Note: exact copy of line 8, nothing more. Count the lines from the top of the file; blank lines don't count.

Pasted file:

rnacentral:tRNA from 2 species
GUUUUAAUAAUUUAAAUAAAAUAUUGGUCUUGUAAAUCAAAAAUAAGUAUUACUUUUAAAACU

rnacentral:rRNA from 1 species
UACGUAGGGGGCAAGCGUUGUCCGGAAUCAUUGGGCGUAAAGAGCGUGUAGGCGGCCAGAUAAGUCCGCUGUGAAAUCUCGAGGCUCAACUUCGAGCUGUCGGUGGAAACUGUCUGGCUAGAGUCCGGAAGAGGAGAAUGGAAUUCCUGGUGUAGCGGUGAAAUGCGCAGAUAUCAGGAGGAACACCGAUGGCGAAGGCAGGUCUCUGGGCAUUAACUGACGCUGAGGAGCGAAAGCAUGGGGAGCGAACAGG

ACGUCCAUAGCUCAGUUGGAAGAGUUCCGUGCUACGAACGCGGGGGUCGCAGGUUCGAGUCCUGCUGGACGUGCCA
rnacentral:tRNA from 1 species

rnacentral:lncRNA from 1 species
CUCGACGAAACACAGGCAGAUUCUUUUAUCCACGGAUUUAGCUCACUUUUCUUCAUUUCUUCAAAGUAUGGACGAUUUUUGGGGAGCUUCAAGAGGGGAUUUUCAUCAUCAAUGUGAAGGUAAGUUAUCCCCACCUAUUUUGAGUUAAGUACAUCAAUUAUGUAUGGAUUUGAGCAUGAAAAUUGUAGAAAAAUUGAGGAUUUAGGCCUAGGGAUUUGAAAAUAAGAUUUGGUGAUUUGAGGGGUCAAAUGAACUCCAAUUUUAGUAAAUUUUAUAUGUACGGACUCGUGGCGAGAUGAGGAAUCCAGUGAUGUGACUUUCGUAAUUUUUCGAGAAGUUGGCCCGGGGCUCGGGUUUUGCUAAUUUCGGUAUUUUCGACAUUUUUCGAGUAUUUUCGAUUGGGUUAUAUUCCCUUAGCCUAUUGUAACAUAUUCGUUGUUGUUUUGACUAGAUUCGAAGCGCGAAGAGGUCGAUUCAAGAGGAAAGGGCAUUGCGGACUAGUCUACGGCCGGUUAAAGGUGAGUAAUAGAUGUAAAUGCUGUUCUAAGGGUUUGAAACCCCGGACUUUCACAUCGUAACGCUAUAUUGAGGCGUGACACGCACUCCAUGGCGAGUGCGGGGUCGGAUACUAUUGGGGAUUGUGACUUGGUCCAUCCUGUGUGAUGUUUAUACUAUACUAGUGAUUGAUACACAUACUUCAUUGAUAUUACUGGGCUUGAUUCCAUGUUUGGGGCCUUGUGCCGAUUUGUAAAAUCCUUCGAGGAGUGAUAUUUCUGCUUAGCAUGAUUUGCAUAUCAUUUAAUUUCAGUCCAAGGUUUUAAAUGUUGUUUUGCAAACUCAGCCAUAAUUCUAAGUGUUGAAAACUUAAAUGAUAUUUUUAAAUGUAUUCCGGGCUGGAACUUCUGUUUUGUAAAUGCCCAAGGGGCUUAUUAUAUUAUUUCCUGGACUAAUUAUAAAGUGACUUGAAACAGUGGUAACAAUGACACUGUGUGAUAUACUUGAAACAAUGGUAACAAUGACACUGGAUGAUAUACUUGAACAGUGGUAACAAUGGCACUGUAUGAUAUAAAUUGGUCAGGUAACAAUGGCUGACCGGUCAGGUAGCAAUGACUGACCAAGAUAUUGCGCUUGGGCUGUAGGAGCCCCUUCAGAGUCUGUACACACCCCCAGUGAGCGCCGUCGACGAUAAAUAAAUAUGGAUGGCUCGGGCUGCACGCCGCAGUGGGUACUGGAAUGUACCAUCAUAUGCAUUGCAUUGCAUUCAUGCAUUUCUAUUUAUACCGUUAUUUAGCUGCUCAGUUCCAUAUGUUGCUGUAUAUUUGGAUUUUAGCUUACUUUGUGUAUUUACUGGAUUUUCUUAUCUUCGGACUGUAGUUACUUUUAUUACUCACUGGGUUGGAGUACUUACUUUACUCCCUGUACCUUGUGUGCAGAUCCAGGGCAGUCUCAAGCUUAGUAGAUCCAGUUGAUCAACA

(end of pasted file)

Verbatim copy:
CUCGACGAAACACAGGCAGAUUCUUUUAUCCACGGAUUUAGCUCACUUUUCUUCAUUUCUUCAAAGUAUGGACGAUUUUUGGGGAGCUUCAAGAGGGGAUUUUCAUCAUCAAUGUGAAGGUAAGUUAUCCCCACCUAUUUUGAGUUAAGUACAUCAAUUAUGUAUGGAUUUGAGCAUGAAAAUUGUAGAAAAAUUGAGGAUUUAGGCCUAGGGAUUUGAAAAUAAGAUUUGGUGAUUUGAGGGGUCAAAUGAACUCCAAUUUUAGUAAAUUUUAUAUGUACGGACUCGUGGCGAGAUGAGGAAUCCAGUGAUGUGACUUUCGUAAUUUUUCGAGAAGUUGGCCCGGGGCUCGGGUUUUGCUAAUUUCGGUAUUUUCGACAUUUUUCGAGUAUUUUCGAUUGGGUUAUAUUCCCUUAGCCUAUUGUAACAUAUUCGUUGUUGUUUUGACUAGAUUCGAAGCGCGAAGAGGUCGAUUCAAGAGGAAAGGGCAUUGCGGACUAGUCUACGGCCGGUUAAAGGUGAGUAAUAGAUGUAAAUGCUGUUCUAAGGGUUUGAAACCCCGGACUUUCACAUCGUAACGCUAUAUUGAGGCGUGACACGCACUCCAUGGCGAGUGCGGGGUCGGAUACUAUUGGGGAUUGUGACUUGGUCCAUCCUGUGUGAUGUUUAUACUAUACUAGUGAUUGAUACACAUACUUCAUUGAUAUUACUGGGCUUGAUUCCAUGUUUGGGGCCUUGUGCCGAUUUGUAAAAUCCUUCGAGGAGUGAUAUUUCUGCUUAGCAUGAUUUGCAUAUCAUUUAAUUUCAGUCCAAGGUUUUAAAUGUUGUUUUGCAAACUCAGCCAUAAUUCUAAGUGUUGAAAACUUAAAUGAUAUUUUUAAAUGUAUUCCGGGCUGGAACUUCUGUUUUGUAAAUGCCCAAGGGGCUUAUUAUAUUAUUUCCUGGACUAAUUAUAAAGUGACUUGAAACAGUGGUAACAAUGACACUGUGUGAUAUACUUGAAACAAUGGUAACAAUGACACUGGAUGAUAUACUUGAACAGUGGUAACAAUGGCACUGUAUGAUAUAAAUUGGUCAGGUAACAAUGGCUGACCGGUCAGGUAGCAAUGACUGACCAAGAUAUUGCGCUUGGGCUGUAGGAGCCCCUUCAGAGUCUGUACACACCCCCAGUGAGCGCCGUCGACGAUAAAUAAAUAUGGAUGGCUCGGGCUGCACGCCGCAGUGGGUACUGGAAUGUACCAUCAUAUGCAUUGCAUUGCAUUCAUGCAUUUCUAUUUAUACCGUUAUUUAGCUGCUCAGUUCCAUAUGUUGCUGUAUAUUUGGAUUUUAGCUUACUUUGUGUAUUUACUGGAUUUUCUUAUCUUCGGACUGUAGUUACUUUUAUUACUCACUGGGUUGGAGUACUUACUUUACUCCCUGUACCUUGUGUGCAGAUCCAGGGCAGUCUCAAGCUUAGUAGAUCCAGUUGAUCAACA